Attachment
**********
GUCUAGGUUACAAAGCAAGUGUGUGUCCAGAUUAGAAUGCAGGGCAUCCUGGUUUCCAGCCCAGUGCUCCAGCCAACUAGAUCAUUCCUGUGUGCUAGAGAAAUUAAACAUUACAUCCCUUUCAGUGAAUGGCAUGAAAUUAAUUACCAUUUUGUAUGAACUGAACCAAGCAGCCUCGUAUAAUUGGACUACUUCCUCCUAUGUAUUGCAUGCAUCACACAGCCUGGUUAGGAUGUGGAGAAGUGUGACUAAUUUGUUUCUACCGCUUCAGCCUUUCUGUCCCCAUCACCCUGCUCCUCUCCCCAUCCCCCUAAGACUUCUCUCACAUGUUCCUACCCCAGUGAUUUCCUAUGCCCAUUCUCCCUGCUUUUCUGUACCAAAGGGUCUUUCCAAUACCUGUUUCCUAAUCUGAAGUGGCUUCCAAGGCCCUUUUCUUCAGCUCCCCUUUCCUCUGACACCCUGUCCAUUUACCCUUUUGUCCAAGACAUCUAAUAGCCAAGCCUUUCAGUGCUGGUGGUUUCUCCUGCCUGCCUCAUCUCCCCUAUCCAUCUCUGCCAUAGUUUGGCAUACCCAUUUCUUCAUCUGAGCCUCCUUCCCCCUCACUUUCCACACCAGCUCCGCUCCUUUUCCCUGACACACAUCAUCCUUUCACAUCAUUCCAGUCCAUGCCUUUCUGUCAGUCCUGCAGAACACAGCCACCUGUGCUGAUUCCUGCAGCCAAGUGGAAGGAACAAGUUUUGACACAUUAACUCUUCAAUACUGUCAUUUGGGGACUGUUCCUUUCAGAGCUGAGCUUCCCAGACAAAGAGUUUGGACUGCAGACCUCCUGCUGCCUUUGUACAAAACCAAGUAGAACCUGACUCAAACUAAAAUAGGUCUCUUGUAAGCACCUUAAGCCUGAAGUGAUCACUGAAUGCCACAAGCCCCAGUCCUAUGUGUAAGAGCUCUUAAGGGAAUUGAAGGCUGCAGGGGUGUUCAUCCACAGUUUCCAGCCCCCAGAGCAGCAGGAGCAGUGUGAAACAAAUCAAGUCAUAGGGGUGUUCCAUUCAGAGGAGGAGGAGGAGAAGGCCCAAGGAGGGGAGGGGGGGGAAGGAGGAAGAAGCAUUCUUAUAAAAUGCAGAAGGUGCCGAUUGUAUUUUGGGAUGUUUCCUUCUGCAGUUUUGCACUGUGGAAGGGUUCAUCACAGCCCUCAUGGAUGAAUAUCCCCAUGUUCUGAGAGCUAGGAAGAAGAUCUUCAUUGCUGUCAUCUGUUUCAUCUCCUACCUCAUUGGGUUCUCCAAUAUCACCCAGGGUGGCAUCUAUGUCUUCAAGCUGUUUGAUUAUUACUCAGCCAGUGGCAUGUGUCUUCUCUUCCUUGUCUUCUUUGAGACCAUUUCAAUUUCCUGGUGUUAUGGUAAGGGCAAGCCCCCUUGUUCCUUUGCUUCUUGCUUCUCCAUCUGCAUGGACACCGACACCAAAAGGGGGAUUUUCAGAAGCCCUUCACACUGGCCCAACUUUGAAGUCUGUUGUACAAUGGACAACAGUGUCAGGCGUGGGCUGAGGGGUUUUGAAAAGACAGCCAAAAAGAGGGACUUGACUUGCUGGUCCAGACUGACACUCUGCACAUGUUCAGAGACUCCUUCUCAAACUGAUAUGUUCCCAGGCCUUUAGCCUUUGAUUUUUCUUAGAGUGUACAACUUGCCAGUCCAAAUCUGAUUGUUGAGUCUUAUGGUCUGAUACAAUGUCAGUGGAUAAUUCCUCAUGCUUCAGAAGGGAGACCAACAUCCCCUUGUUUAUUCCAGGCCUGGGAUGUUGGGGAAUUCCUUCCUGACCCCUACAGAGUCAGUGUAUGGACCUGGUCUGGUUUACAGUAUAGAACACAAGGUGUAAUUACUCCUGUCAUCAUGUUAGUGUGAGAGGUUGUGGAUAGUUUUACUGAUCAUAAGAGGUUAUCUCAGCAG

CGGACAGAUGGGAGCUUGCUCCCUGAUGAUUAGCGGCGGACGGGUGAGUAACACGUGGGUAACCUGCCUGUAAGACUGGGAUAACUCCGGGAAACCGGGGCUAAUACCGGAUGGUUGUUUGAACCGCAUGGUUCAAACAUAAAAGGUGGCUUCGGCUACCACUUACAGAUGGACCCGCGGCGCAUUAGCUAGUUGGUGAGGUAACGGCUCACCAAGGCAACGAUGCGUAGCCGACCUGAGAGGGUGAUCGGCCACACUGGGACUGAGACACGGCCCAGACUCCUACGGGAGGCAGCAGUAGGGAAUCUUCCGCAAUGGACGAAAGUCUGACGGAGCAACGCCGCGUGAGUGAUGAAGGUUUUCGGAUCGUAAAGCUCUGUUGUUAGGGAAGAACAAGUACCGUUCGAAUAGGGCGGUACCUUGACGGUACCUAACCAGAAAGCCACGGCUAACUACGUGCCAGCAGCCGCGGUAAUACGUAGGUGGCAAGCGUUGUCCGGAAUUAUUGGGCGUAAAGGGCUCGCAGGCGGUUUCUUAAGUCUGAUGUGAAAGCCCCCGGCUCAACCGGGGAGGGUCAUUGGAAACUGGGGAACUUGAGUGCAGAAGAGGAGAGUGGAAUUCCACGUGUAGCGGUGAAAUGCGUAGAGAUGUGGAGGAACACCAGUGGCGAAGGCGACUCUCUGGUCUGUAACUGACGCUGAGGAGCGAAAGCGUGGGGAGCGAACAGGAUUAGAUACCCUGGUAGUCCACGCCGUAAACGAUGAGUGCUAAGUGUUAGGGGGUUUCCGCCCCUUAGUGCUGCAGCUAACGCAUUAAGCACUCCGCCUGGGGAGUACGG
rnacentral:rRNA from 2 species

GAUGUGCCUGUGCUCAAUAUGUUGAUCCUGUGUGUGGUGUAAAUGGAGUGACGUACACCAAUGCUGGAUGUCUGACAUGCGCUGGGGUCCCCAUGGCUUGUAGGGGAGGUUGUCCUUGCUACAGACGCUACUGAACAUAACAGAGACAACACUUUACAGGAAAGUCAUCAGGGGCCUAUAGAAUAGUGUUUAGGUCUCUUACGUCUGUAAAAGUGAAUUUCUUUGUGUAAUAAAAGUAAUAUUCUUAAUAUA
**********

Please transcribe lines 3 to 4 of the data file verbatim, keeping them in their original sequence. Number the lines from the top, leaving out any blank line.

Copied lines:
rnacentral:rRNA from 2 species

GAUGUGCCUGUGCUCAAUAUGUUGAUCCUGUGUGUGGUGUAAAUGGAGUGACGUACACCAAUGCUGGAUGUCUGACAUGCGCUGGGGUCCCCAUGGCUUGUAGGGGAGGUUGUCCUUGCUACAGACGCUACUGAACAUAACAGAGACAACACUUUACAGGAAAGUCAUCAGGGGCCUAUAGAAUAGUGUUUAGGUCUCUUACGUCUGUAAAAGUGAAUUUCUUUGUGUAAUAAAAGUAAUAUUCUUAAUAUA